We are now advertising for various positions in applied statistics, operations research and applied mathematics.
These jobs are with MAXIMA (the Monash Academy for Cross & Interdisciplinary Mathematical Applications).
Please do not send any questions to me (I won’t answer). Click above and follow the instructions.
Since my last post on the seasonal adjustment problems at the Australian Bureau of Statistics, I’ve been working closely with people within the ABS to help them resolve the problems in time for tomorrow’s release of the October unemployment figures.
Now that the ABS has put out a statement about the problem, I thought it would be useful to explain the underlying methodology for those who are interested. Continue reading →
I do not normally post job adverts, but this was very specifically targeted to “applied time series candidates” so I thought it might be of sufficient interest to readers of this blog. Continue reading →
Although the Guardian claimed yesterday that I had explained “what went wrong” in the July and August unemployment figures, I made no attempt to do so as I had no information about the problems. Instead, I just explained a little about the purpose of seasonal adjustment.
However, today I learned a little more about the ABS unemployment data problems, including what may be the explanation for the fluctuations. This explanation was offered by Westpac’s chief economist, Bill Evans (see here for a video of him explaining the issue). Continue reading →
It’s not every day that seasonal adjustment makes the front page of the newspapers, but it has today with the ABS saying that the recent seasonally adjusted unemployment data would be revised.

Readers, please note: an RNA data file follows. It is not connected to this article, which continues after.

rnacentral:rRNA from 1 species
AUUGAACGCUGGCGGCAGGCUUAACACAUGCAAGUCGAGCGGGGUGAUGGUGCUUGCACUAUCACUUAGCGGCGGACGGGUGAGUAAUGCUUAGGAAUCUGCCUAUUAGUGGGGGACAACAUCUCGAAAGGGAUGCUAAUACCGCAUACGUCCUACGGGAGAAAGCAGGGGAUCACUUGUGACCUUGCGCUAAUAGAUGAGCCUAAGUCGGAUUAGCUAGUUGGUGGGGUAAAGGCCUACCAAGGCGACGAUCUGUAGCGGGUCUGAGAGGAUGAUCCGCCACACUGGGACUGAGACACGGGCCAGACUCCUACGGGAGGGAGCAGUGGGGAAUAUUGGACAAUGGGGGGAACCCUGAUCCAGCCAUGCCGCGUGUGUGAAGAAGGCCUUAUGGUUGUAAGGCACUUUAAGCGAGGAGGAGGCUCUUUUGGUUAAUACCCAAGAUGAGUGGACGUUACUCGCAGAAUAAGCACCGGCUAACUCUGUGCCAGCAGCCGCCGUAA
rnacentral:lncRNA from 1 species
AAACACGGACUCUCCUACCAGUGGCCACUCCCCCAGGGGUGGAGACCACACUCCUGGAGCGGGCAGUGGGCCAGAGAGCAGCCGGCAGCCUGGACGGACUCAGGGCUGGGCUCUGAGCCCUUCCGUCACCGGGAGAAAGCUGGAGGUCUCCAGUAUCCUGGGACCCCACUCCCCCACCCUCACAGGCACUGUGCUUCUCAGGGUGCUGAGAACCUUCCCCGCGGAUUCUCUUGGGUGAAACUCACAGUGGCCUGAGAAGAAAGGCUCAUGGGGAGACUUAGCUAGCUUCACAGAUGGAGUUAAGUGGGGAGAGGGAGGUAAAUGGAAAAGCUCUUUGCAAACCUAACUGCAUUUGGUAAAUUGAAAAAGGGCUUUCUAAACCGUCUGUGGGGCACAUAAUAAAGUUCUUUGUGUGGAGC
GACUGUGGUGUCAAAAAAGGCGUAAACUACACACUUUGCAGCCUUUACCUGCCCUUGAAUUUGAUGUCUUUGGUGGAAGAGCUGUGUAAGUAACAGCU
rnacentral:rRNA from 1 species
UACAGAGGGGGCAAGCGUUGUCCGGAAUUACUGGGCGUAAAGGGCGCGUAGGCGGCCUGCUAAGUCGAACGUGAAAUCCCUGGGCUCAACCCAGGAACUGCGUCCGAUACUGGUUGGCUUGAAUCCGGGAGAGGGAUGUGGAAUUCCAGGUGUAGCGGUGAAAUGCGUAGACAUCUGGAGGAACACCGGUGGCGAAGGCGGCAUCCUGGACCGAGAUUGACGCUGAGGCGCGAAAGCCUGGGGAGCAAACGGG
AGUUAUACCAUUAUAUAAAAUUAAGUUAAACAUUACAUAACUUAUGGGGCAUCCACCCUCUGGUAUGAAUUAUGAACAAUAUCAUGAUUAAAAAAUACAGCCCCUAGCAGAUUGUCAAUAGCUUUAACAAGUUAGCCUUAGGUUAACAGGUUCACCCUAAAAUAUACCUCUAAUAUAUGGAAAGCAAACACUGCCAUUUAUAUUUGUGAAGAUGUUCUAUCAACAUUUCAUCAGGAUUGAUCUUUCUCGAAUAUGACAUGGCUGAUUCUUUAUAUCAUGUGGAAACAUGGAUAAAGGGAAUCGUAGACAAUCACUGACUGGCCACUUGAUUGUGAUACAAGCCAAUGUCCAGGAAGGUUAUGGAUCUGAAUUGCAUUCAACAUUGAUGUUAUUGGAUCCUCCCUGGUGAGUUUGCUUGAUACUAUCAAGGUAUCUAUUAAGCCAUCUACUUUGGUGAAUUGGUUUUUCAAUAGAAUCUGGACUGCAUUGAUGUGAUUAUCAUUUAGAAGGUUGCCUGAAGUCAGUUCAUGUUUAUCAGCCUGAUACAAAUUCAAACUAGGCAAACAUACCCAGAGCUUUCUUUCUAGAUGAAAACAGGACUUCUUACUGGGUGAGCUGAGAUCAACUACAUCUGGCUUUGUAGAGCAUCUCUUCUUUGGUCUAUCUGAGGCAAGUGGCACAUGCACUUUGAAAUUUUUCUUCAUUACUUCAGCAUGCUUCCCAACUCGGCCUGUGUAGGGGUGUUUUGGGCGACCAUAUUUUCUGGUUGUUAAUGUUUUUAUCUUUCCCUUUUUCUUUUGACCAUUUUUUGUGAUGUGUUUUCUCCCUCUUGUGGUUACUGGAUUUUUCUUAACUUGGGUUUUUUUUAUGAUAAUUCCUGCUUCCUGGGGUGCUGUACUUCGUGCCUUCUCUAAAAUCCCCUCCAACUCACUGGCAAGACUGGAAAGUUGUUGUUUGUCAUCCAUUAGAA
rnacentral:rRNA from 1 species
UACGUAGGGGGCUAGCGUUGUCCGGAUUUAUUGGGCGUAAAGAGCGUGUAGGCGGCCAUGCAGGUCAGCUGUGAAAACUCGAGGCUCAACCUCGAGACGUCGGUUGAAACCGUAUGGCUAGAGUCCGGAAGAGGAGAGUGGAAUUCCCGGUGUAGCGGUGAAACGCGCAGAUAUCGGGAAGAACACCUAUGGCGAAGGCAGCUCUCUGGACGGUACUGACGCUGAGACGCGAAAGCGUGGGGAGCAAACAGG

I was interviewed about the underlying concepts for the Guardian in this piece.
Further comment from me about users paying for the ABS data is here.
I keep telling students that there are lots of jobs in data science (including statistics), and they often tell me they can’t find them advertised. As usual, you do have to do some networking, and one of the best ways of doing it is via a Data Science Meetup. Many cities now have them including Melbourne, Sydney, London, etc. It is the perfect opportunity to meet with local employers, many of which are hiring due to the huge expansion in the use of data analysis in business (aka business analytics).
At the end of each Melbourne meetup, some employers have been advertising their current analytic job openings to the audience.
Now the local organizers are going to extend the opportunity to allow job-searchers to give a 90 second pitch to employers. Details are provided on the message board.
I’ve interviewed a few people for jobs at Monash University, and there’s always someone who comes out with something surprising. Here are some real examples. Continue reading →
Some new websites are being established offering “market places” for data science. Two I’ve come across recently are Experfy and SnapAnalytx. Continue reading →
I’ve received a few questions on the business analytics jobs advertised last week. I think it is best if I answer them here so other potential candidates can have the same information. I will add to this post if I receive more questions. Continue reading →
We have an exciting new initiative at Monash University with some new positions in business analytics. This is part of a plan to strengthen our research and teaching in the data science/computational statistics area. We are hoping to make multiple appointments, at junior and senior levels. These are five-year appointments, but we hope that the positions will continue after that if we can secure suitable funding. Continue reading →